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Thread: Long Newnton

  1. #11
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    Default Re: Long Newnton

    Quote Originally Posted by manda View Post
    ). One question I was going to ask. Does a circular 'o' within a signal square denote 'explosives stored at airfield'? i know there's meant to be some sort of signal for that, just can't remember.
    Haven't heard that one, Manda - maybe correct?

    From my notes:
    ... in October 1945 when a DH Dominie en route from Stretton to Halesworth landed at Attlebridge amongst piles of bombs stored on the runway. The pilot, a Naval officer, had failed to notice the white 'landing prohibited' crosses painted at the ends of the runways.

    I believe Llandwrog had 'EX' on the end of its runways post war. This would make sense relating to either 'EXplosives', or Explosives + 'X' for 'landing prohibited'. (Except in this case it was chemical weapons, not explosives - nothing is simple).

    The 1953 Naval 'Air Traffic Control Regulations (BR1899') states: abandoned airfields will a show a white cross consisting of two bars 5' by 60' at the end of each runway. The signals square is to be obliterated.

    In October 1946 Long Newton stored 6,000 tons of weapons. A Class 'A' airfield was storing up to 10,000 tons at that time. It had been hoped to store 15 kt per airfield but this figure had proved optimistic, and the stocks had to be stored less densely to allow frequent maintenance and inspection.

    Graham

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    Default Re: Long Newnton

    And why only one runway so marked?
    Its not clear on the attached AP but both are marked with 'X's

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    Default Re: Long Newnton

    The runway marking discussion has been moved here

    Graham

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    Default Re: Long Newnton

    Re mandas Post # 3 image.

    The 'stacks' are almost certainly munitions due to the careful spacing. Tail Units and non-ex stores would have been stacked together to enable economic covering with tarpaulins.

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    Default Re: Long Newnton

    Thanks. Although widely spaced, I assume then that they were not explosive enough to merit a earthbank around them, as we see with bomb stores and other explosive sites?

  6. #16

    Default Re: Long Newnton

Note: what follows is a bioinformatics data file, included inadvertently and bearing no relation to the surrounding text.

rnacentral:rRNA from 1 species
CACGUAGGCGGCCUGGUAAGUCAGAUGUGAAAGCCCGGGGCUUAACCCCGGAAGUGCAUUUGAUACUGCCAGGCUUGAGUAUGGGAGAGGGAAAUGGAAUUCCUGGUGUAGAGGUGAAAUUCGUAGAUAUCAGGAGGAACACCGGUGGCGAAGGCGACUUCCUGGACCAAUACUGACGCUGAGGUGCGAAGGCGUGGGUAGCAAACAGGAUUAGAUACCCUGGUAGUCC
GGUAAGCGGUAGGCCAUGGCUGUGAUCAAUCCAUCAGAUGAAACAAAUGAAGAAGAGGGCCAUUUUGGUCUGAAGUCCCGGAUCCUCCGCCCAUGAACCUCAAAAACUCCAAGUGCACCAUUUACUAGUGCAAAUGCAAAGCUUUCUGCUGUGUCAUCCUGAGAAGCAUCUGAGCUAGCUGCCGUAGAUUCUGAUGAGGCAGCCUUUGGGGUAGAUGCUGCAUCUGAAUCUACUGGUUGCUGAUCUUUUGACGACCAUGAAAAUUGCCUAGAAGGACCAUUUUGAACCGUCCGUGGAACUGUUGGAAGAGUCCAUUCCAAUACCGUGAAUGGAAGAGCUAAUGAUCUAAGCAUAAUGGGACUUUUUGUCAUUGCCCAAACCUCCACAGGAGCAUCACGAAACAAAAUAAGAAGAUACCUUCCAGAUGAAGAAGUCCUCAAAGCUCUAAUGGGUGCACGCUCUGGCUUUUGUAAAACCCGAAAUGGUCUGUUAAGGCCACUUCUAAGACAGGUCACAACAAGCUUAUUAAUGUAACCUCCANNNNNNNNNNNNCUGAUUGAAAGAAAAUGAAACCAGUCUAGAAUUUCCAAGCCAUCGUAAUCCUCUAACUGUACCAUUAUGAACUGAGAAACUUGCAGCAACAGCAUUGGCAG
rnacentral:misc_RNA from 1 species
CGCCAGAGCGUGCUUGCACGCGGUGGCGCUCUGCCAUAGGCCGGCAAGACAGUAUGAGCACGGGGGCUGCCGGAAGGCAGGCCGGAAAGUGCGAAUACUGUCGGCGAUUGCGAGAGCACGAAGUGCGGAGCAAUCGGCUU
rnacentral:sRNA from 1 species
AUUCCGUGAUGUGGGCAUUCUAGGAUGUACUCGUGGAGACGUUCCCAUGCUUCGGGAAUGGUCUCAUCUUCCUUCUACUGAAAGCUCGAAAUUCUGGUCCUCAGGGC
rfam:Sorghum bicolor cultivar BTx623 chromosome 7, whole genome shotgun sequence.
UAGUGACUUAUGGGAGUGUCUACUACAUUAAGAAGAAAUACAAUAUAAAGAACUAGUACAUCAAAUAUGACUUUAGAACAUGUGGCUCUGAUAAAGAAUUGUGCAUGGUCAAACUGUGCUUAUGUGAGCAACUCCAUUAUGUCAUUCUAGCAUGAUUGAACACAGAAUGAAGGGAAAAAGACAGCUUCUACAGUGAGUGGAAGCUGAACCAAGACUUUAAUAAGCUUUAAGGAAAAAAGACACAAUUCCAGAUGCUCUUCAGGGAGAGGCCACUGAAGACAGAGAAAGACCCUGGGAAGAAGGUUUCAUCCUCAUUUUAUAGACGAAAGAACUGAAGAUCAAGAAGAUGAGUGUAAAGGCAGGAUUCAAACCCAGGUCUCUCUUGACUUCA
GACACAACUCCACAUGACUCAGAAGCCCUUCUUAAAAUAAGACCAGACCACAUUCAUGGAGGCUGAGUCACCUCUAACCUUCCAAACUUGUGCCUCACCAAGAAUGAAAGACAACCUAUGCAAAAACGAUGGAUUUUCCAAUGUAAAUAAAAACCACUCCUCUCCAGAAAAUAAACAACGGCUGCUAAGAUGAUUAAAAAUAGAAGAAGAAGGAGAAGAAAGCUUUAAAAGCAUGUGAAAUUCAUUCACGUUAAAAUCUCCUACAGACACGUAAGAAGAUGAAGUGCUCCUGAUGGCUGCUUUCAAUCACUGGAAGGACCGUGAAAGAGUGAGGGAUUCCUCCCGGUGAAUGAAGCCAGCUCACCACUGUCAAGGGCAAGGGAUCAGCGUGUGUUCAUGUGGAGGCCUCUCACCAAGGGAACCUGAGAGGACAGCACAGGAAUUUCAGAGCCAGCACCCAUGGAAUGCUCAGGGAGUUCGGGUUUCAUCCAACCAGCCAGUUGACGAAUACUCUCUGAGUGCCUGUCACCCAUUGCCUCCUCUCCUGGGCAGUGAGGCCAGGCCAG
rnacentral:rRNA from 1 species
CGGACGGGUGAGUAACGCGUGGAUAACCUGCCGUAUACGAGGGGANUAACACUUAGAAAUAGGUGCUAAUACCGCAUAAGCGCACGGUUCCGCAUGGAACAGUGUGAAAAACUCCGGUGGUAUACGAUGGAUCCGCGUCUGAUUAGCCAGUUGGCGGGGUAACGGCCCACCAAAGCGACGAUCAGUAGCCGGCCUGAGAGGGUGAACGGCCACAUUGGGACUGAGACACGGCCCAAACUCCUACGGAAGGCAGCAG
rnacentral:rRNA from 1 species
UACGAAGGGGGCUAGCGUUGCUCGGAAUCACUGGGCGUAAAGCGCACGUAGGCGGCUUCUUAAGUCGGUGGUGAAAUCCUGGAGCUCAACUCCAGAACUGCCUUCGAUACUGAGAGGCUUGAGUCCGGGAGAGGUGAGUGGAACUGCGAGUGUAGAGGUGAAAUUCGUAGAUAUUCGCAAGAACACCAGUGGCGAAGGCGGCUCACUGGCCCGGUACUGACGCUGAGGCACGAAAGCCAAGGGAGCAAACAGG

Possible grenades or other SAA stuff?

    Interesting that they aren't technically blocking the runways and that the X denotes "landing in emergency only" not "don't land at all/EX".

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    Default Re: Long Newnton

    Quote Originally Posted by manda View Post
    Thanks. Although widely spaced, I assume then that they were not explosive enough to merit a earthbank around them, as we see with bomb stores and other explosive sites?
    Oh yes. They could have been large HE bombs. When the prescribed minimum safety distances were available there was no need to build earth traverses (ETs). Disused airfields - post war - provided the 'wide open spaces' that munitions storage demanded. Bomb Stores on operational airfields often encroached on agricultural land and were very near to inhabited buildings but usually could not meet the Outside Safety Distance requirements so ETs were built, as required, to artificially increase the OSD.

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    Default Re: Long Newnton

    I see, well that makes sense, as there are mostly just fields surrounding the airfield and very little habitation. Thanks.

    I have another question though . I was wondering if someone could check their plan for RAF Long Newnton and tell me if any airfield defences where marked. The reason I ask is that the GHQ Line Green, passed by to the south and west of the airfield, and there are many pillboxes along the length of the ditch, which all seem strategically placed at the natural gaps in the anti tank ditch. However in the NMR records, the pillboxes are primarily referred to as part of the airfield's defences but also forming the stop line. Personally i think its the other way round, with the pillboxes constructed specifically for the anti tank ditch, which of course could have aided airfield defence if it was invaded.

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    Default Re: Long Newnton

    Sorry manda, I missed this one. I have some information on hand so I will take a look tonight and see what I can find.

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    Default Re: Long Newnton

    It seems that the Green Line (Bristol Outer Defences) was never finished. (TNA WO199/1800).

    It ran from Avening down to the NE/E of Tutbury then curved eastwards coming to a stop just SE of Malmesbury having passed south of Long Newton airfield.

    The section of the stop-line effectively covering Long Newton airfield came through Church Farm (directly N of Long Newton village) arcing SE through Quobwell Farm and then passed just to the N of Malmelesbury and SE to Cow Bridge Farm where it met the River Avon and stopped (?)

    This section had around 17 Pillboxes on it and, according to the records, were built as part of the stop-line benefiting Long Newton airfield.So,your surmise is correct.

    The Defence of Britain database shows the location and type of the PBs in Google Earth (E&OE)

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